Applicants will also complete a needs assessment to determine their eligibility for financial supports, such as OSAP and UTAPS, which students can receive in addition to the new scholarship.   

I think that this funding will empower people to make a choice for their post-secondary future based on what they want, instead of what society and financial barriers are allowing them to do,” says Burke, who knows first-hand how life-changing a scholarship can be. 

“When I came to U of T Engineering as an undergraduate student, I had an Island scholarship from my home country Grenada, which paid for my tuition, books, and room and board,” he says. “That scholarship allowed me to thrive and focus on my studies in a way that I wouldn’t have been able to if I had the same financial stress that some of my Black peers had. I was able to just excel in school.” 

 The first cohort of scholarship recipients will be notified this spring when they receive their offers of acceptance. 

This story was originally published in the U of T Engineering News.


Black History Month: Presidents reflect on the impact of National Society of Black Engineers at U of T

NSBE past presidents

Since 1999, the U of T chapter of NSBE has helped increase Black representation, while fostering community among Black students at U of T Engineering

Kelly-Marie Melville (ChemE 1T2 + PEY) was in her dorm room, just two weeks into her studies at U of T Engineering, when a fellow student Korede Owolabi (CompE 1T5 + PEY) and member of the National Society of Black Engineers (NSBE) U of T chapter came knocking on her door.

“He gave me a full rundown about NSBE, and I didn’t fully understand the gravity of it at the time,” says Melville. “But once I started my classes, I got it.”

Melville remembers sitting in Convocation Hall, where all first-year engineering students traditionally gather for their first class together.

“It was intimidating for someone who just moved here from Trinidad and for someone who is just starting engineering. I remember thinking, ‘oh my goodness, there is no one here who looks like me.’”

NSBE, founded in 1975 at Purdue University, aims to promote, support and increase the number of Black engineers who excel academically and professionally. Each year, the NSBE National Convention brings thousands of members together for networking and professional development opportunities. The organization’s goal is to graduate 10,000 Black engineers annually by 2025.

The U of T chapter, founded in 1999, is the largest in Toronto. And for more than 20 years, NSBE U of T has played an important role in increasing Black inclusion at U of T, and in fostering a safe space among Black engineering students, who continue to be underrepresented among the student body.

Three years after that knock on the door, Melville was NSBE president (2009 to 2010), and found herself using the same recruitment strategy. “Sometimes I was even chasing students down in the hallways to talk to them [about NSBE],” she says.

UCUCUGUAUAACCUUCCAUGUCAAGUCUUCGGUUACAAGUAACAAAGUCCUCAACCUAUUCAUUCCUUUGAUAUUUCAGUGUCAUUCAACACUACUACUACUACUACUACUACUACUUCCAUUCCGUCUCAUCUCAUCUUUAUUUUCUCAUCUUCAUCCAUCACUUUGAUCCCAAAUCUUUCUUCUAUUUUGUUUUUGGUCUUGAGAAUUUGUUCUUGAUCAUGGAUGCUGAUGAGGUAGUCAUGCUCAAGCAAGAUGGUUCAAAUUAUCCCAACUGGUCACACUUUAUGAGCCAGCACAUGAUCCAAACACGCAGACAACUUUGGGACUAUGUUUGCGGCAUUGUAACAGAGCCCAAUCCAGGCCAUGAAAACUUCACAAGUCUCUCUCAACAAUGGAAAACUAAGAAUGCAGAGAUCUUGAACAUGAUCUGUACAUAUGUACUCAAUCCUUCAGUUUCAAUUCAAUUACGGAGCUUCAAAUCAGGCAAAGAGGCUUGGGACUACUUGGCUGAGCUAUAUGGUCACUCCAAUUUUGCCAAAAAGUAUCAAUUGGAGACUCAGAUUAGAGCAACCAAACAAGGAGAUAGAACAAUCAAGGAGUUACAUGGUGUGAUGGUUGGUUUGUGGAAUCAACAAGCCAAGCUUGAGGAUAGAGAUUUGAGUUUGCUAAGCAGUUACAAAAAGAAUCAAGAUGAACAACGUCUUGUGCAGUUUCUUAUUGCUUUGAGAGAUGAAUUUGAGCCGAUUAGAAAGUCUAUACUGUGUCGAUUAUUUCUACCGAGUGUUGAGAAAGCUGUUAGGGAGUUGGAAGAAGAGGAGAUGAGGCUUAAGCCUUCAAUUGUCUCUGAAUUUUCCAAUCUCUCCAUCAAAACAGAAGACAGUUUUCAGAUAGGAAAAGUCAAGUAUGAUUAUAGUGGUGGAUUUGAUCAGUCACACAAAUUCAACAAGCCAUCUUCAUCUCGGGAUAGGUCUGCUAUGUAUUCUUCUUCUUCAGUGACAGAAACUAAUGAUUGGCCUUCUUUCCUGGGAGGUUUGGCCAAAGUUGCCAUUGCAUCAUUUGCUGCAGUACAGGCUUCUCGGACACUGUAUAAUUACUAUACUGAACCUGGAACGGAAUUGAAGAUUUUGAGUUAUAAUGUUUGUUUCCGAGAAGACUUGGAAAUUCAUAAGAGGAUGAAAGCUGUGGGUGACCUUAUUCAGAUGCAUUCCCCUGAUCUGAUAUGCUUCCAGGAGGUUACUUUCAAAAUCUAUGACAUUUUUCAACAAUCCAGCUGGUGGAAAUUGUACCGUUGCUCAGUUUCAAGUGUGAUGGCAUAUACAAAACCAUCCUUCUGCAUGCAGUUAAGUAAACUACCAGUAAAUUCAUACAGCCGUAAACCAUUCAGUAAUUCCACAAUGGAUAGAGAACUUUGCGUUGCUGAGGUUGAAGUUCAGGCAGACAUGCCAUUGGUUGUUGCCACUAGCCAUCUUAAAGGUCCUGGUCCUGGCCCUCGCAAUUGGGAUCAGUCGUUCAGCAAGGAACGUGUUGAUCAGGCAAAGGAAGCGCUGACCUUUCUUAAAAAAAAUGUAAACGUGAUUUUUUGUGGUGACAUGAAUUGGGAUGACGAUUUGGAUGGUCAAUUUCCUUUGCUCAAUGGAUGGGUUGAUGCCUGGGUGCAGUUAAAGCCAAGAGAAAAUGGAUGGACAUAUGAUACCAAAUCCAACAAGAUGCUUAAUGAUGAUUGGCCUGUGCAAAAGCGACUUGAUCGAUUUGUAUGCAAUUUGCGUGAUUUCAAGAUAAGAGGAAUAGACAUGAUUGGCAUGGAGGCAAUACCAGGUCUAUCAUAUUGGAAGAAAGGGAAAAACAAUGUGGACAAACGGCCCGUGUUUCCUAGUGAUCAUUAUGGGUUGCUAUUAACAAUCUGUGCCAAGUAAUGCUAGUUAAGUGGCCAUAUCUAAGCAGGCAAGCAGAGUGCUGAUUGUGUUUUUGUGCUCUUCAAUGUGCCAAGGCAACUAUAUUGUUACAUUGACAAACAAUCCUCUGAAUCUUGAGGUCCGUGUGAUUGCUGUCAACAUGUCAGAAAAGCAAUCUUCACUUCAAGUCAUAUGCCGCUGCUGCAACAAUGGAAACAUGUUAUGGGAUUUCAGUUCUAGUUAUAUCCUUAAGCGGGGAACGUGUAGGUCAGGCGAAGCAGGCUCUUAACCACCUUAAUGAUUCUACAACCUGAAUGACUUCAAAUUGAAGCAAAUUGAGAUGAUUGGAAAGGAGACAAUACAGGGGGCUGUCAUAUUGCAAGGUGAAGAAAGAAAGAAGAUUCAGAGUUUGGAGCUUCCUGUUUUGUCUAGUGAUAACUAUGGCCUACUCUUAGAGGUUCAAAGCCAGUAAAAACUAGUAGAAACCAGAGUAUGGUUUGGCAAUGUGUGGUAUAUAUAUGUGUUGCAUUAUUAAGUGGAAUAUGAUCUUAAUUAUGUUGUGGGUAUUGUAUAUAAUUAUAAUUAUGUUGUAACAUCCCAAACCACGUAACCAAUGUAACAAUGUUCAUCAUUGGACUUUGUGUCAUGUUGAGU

One of the students she introduced NSBE to was Akira Neckles (ChemE 1T7 + PEY), who would also eventually become president (2016 to 2017). During her studies, Neckles remembers seeing only five Black students within her year.

“That can really make you feel like you don’t belong,” she says. “With NSBE, it felt like it brought us together. Within a program, we’re less, but within a group, we’re more.”

Over the years, each NSBE U of T president would bring a unique vision and leave their own legacy of impact.

During Melville’s term, she worked to significantly increase NSBE U of T memberships. For Neckles, her focus was on professional development, inviting organizations to U of T so that members were informed of career pathways, even before looking ahead at their Professional Experience Year (PEY) Co-op.

During Dimpho Radebe’s (IndE 1T4 + PEY, ChemE PhD candidate in EngEd ) presidency (2014 to 2015), she was challenged with keeping NSBE U of T afloat, as memberships began to dwindle.

“I think the biggest challenge for NSBE is that, although it is an organization created to support Black students, we’ve always said, we’re open to everyone and not exclusively to Black students,” explains Radebe. “But many students don’t realize that, and it makes our potential pool that much smaller.”

Radebe says one of her greatest achievements during her leadership was sending 10 students to the NSBE National Convention in Anaheim, Calif.

“That experience really inspired students to join because they can see the full power of NSBE versus when you don’t see many of us around at school,” she says. “Many of them ended up running for leadership positions after that.”